Up head is a perfect stone image of a swan (Hans) with its beak bended backward, next small water pond. The story of the swan with the twisted beak is that Lord Brahma had ordered the swan to look after the nectar which came out from Sagar Manthan (churning of the seas) so that the snakes would not steal it. But the greedy swan tried to drink the nectar and was immediately cursed by Lord Brahma to become stone.
Just a few feet away from the swan is pure white hard stalagmite formation, which looks exactly like the matted hair of Lord Shiva. The water dripping from it is falling in a small kund. As the story goes that when the river Ganga was descending from heavens it was so forceful that it could have blown away the earth itself, so Shiva agreed to let her descend on his head first and then trickle down on the earth through his hairs. Nearby are infinite small rocks, signifying the 33 crore Gods of the Hindu pantheon. There are also rock formations nearby, representing the milky way, including the saptarishis.
Further down the cave has small natural stone sculptures showing Pandavas playing boardgame (choupaad). As one story goes that Pandavas during their exile period spent some time here in the caves. Nearby is a small cave cavity which is supposed to lead all the way to Badrinath (about 75 km away, if drawn as a straight line on the map, much longer distance on the circular hilly roads). This cavity is through which the Pandavas departed to Badrinath from here.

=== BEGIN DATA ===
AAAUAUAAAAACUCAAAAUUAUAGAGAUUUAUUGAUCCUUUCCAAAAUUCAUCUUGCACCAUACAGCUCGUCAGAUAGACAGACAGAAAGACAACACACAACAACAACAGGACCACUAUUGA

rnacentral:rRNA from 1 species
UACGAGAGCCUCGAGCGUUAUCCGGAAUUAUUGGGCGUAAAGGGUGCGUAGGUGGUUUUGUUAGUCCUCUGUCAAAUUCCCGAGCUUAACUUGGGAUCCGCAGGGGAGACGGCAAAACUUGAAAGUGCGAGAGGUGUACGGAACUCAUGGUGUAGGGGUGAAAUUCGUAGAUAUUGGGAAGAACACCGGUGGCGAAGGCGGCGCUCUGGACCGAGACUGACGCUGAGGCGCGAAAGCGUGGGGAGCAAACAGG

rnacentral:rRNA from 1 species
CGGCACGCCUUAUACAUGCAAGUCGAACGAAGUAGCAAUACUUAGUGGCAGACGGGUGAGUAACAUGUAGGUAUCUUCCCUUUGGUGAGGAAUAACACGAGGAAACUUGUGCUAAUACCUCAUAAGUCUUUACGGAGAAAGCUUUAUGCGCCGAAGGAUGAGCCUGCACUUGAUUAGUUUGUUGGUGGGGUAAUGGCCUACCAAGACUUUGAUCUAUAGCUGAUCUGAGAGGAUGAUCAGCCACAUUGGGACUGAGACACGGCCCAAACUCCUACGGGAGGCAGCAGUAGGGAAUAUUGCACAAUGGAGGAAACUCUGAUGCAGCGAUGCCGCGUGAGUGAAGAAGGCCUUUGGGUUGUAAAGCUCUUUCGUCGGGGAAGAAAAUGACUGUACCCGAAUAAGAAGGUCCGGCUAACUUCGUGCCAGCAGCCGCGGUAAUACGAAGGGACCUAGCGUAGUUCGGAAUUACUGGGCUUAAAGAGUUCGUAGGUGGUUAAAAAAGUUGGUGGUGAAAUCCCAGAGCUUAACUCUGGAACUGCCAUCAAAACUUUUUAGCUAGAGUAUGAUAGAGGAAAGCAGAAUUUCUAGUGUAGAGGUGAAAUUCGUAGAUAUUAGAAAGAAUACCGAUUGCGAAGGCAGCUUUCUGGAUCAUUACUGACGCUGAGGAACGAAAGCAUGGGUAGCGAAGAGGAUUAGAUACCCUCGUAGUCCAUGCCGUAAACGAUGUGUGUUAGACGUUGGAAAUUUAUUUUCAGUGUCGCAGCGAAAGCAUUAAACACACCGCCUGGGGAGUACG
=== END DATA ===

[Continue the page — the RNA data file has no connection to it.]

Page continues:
Then there are stone formations which match exactly with the Shivlinga of Kedarnath and Badrinath. There is also an exact replica of the Amarnath cave here.
There are four doors line naturally made caves structures inside of which it is said that the paap dwar (The Door of Sin) was closed after death of Ravana and ran-dwar (The Door of War) was closed after the Mahabharata war. The two remaining doors (dwars) are the dharma dwar (The Door of Religion/Truth) and moksha dwar (The Door of Salvation).
Then there is a tongue-shaped rock of about 4 feet touching the ground, signifying Kalbhairav. If one enters this cavity (mouth) and exits through the end (tail), then one can attain moksha, but obviously it is impossible for us mortals.
A rock formation looking like Kaplavriksha (the wish fulfilling Tree) really attracts attention. Then there are the parts of Indra’s Elephant Airavat (Trunk, Head, Ears and Feet) made of natural rock formation.